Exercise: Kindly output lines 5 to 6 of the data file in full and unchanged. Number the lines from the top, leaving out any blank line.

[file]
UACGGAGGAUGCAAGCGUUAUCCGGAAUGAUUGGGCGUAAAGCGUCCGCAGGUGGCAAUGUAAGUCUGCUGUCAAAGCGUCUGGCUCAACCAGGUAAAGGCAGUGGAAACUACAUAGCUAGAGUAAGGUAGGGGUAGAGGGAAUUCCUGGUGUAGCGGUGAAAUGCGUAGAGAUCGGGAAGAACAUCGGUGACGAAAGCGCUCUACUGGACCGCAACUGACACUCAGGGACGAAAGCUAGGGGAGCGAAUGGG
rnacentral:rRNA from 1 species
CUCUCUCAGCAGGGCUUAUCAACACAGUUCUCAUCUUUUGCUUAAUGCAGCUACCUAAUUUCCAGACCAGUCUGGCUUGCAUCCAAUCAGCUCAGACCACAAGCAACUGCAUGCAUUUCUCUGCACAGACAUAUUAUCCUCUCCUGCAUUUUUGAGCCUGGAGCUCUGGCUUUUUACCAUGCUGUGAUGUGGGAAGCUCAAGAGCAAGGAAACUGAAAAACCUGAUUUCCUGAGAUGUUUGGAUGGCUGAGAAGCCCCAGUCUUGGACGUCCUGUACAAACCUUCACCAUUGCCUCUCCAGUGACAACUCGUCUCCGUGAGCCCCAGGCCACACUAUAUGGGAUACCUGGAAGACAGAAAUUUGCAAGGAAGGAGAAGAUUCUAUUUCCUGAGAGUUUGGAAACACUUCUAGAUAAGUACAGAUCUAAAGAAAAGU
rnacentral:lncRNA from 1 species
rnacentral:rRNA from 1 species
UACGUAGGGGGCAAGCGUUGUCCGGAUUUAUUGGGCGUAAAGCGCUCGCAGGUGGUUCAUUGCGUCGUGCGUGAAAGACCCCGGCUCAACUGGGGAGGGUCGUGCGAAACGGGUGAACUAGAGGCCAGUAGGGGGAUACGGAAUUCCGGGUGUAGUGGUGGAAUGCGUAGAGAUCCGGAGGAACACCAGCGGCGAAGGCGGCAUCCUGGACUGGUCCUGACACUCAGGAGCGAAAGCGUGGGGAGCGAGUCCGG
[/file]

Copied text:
rnacentral:rRNA from 1 species
UACGUAGGGGGCAAGCGUUGUCCGGAUUUAUUGGGCGUAAAGCGCUCGCAGGUGGUUCAUUGCGUCGUGCGUGAAAGACCCCGGCUCAACUGGGGAGGGUCGUGCGAAACGGGUGAACUAGAGGCCAGUAGGGGGAUACGGAAUUCCGGGUGUAGUGGUGGAAUGCGUAGAGAUCCGGAGGAACACCAGCGGCGAAGGCGGCAUCCUGGACUGGUCCUGACACUCAGGAGCGAAAGCGUGGGGAGCGAGUCCGG